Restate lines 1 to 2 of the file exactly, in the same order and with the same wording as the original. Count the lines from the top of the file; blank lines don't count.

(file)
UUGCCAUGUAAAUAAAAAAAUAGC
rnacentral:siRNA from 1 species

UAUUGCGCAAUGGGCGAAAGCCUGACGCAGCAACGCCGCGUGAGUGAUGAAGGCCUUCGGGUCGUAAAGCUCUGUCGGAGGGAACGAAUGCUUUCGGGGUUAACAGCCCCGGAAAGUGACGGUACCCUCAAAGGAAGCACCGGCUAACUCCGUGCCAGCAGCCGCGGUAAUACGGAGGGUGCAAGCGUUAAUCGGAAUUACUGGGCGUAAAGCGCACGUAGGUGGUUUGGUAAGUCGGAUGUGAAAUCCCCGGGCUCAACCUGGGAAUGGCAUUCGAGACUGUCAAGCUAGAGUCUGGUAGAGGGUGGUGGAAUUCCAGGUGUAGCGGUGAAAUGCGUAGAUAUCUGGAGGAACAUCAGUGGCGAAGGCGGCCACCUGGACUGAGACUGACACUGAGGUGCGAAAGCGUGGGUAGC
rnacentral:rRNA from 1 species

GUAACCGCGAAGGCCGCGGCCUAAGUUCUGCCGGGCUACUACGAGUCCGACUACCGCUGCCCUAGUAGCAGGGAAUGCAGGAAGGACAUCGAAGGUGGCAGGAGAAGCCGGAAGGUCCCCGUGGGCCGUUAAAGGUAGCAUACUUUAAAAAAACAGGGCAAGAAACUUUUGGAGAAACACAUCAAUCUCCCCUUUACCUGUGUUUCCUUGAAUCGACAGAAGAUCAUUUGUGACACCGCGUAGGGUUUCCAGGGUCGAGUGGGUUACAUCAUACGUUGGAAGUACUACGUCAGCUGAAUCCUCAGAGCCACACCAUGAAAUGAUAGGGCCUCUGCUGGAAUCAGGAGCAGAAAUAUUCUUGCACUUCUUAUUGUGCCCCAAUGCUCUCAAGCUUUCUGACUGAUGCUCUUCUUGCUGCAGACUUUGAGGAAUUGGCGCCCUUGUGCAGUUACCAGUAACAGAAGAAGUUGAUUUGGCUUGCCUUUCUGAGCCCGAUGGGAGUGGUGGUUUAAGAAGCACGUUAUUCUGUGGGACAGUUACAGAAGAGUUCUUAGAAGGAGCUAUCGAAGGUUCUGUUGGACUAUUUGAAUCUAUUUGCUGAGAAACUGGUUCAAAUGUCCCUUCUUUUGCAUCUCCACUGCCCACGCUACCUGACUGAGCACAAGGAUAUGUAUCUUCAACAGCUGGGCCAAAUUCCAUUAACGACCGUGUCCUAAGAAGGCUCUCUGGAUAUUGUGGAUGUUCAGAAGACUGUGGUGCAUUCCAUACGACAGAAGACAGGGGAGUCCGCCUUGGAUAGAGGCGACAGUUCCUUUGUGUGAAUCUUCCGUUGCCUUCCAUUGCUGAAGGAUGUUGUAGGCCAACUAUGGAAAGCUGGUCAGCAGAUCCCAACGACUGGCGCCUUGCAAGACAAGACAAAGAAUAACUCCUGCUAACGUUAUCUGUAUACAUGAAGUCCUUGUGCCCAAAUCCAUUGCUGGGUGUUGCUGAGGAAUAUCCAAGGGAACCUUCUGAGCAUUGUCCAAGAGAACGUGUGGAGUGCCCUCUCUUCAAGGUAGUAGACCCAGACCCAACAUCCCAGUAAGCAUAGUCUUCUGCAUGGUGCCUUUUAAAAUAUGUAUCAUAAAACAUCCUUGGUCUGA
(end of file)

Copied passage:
UUGCCAUGUAAAUAAAAAAAUAGC
rnacentral:siRNA from 1 species